The War Against Boys: Chapter 2, Part II (page 59-72)

by NeW Staff on September 1, 2010 · 0 comments

“The girl-crisis advocates have succeeded in projecting an image of males as predators and females as hapless victims. They have convinced school administrators, leaders of teachers’ unions, and officials in the U.S. Department of Education to support them and fund them.”
The facts show that males tend to be more aggressive than females, nevertheless, that doesn’t give girl-crisis advocates the liberty to brand every male a potential menace to society. Healthy men, men who use their desire to compete, achieve and win for positive and productive purposes are a blessing to our society. We owe our American Independence and safety to these very young men, men who throughout history have sacrificed their lives to guard and protect us:
“Healthy young men express their manhood in competitive endeavors that are often physical. As they mature, they take on responsibilities, strive for excellence, achieve and ‘win.’ They assert their masculinity in ways that require physical and intellectual skills and self-discipline. In American society, healthy, normal young men (which is to say, the overwhelming majority) don’t batter, rape, or terrorize women; they respect them and treat them as friends.”
Sommers goes on to quote feminist writer Camille Paglia, an author who expresses a positive and praiseworthy view of the male sex:
“For Paglia, male aggressiveness and competitiveness are animating principles of creativity: ‘Masculinity is aggressive, unstable combustible. It is also the most creative cultural force in history.’ Speaking of the ‘fashionable disdain for ‘patriarchal society’ to which nothing good is ever attributed,’ she writes, ‘But it is patriarchal society that has freed me as a woman. It is capitalism that has given me the leisure to sit at this desk writing this book. Let us stop being small-minded about men and freely acknowledge what treasures their obsessiveness has poured into culture.’ Men, writes Paglia, ‘created the world we live in and the luxuries we enjoy’ : ‘When I cross the George Washington Bridge or any of America’s great bridges, I think–men have done this. Construction is a sublime male poetry.'”
It is refreshing to find a feminist who isn’t battering the male sex, a woman who can appreciate and complement the many great and wonderful achievements of men in our society. Now that we have looked at the positive we most also draw our attention to the negative:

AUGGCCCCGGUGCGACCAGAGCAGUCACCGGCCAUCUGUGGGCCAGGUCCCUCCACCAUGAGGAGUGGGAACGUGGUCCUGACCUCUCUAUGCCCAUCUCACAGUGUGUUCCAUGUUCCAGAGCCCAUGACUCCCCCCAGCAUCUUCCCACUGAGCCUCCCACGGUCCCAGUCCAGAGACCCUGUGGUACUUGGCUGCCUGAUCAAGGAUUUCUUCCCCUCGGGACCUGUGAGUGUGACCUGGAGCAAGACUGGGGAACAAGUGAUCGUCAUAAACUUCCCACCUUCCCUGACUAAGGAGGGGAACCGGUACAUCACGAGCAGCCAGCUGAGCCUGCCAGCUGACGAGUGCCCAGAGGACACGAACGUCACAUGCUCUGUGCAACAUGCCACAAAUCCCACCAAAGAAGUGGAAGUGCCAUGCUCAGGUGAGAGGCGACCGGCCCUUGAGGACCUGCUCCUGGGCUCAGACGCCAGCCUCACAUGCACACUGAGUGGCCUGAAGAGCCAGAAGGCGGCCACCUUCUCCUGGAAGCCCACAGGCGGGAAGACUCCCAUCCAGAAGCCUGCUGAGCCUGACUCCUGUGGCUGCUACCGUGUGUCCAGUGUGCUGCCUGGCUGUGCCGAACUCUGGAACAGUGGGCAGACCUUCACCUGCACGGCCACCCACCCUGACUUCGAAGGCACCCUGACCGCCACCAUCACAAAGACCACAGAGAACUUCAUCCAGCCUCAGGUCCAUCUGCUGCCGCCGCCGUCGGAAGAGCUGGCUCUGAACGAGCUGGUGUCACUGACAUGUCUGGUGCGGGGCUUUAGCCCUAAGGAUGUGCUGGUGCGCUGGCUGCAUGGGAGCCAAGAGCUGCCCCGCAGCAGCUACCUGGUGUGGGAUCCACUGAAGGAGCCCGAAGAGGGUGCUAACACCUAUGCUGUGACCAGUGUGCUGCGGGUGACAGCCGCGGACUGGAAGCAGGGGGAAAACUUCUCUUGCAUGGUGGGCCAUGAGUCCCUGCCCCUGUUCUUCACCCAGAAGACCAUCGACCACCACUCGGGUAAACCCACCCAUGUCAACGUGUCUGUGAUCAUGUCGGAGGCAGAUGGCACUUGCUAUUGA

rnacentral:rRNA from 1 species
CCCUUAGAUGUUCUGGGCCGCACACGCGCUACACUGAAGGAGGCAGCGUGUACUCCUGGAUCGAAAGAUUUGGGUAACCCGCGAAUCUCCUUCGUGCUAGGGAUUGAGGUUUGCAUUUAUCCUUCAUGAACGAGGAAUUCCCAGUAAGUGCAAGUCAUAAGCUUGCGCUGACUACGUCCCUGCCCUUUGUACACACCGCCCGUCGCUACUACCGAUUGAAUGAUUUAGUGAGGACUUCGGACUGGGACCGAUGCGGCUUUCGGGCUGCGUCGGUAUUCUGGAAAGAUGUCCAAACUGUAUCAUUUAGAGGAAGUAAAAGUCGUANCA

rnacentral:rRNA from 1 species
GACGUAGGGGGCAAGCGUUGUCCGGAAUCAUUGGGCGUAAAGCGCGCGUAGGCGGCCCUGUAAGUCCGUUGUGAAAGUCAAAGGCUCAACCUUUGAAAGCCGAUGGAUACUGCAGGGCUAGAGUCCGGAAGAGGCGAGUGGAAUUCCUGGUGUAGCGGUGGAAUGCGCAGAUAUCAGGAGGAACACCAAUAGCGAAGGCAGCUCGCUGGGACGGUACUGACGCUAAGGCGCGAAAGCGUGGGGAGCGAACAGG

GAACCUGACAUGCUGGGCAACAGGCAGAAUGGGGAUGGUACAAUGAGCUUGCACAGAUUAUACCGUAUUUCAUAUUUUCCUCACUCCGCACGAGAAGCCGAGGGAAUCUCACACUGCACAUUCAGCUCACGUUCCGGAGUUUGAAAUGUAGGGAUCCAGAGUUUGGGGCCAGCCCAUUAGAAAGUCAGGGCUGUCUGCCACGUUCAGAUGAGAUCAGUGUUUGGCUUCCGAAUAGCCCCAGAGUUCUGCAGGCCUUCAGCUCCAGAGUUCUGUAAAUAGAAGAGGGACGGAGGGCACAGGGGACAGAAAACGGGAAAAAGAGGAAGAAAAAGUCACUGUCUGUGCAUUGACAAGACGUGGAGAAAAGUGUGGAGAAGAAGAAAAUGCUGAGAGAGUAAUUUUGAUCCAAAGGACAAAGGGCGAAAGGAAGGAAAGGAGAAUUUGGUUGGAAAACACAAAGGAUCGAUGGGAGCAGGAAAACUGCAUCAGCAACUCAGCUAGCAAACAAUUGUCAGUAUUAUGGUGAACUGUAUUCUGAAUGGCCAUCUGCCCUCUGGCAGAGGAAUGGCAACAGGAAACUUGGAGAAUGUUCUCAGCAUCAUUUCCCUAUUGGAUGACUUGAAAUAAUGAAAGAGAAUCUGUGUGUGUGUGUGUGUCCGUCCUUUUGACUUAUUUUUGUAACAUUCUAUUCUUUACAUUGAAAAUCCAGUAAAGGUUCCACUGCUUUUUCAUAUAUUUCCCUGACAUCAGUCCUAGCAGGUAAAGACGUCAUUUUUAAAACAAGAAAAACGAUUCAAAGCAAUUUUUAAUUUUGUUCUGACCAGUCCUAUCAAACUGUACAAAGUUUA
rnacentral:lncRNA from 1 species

“All the same, Paglia’s praise of males may sound irrelevant to administrators who have hard-core disciplinary problems in their schools. Much antisocial behavior is sexual. Much of it perpetrated by males. The equity specialists may be routinely guilty of misrepresenting  the facts and unfairly putting men and boys in bad light; but they are not wrong when they point out that our schools are plagued with sexually crude, disrespectful, and untoward behavior.”
Sommers proposes a solution to the problem of immorality and incivility in today’s youth:
“The answer is that boys do, indeed, need to be educated and civilized. They need to be turned into respectful human beings. one must show them, in ways that leave them in no doubt, that they cannot get away with bullying or harassing other students. Boys need strong moral guidance. Our schools should implement firm codes of discipline and clear and unequivocal rules against profanity, incivility and hurtful behavior. Teachers and administrators have to establish a school environment that does not tolerate any variety of egregious meanness and incivility–sexual or nonsexual. Boys badly need moral education and discipline. So do girls.”
Moral training, Sommers believes is the key to establishing genuine fairness and equity in our schools. Once we establish a firm understanding of ethics within our young people, we will have a brighter future for all our young people, boys and girls alike.

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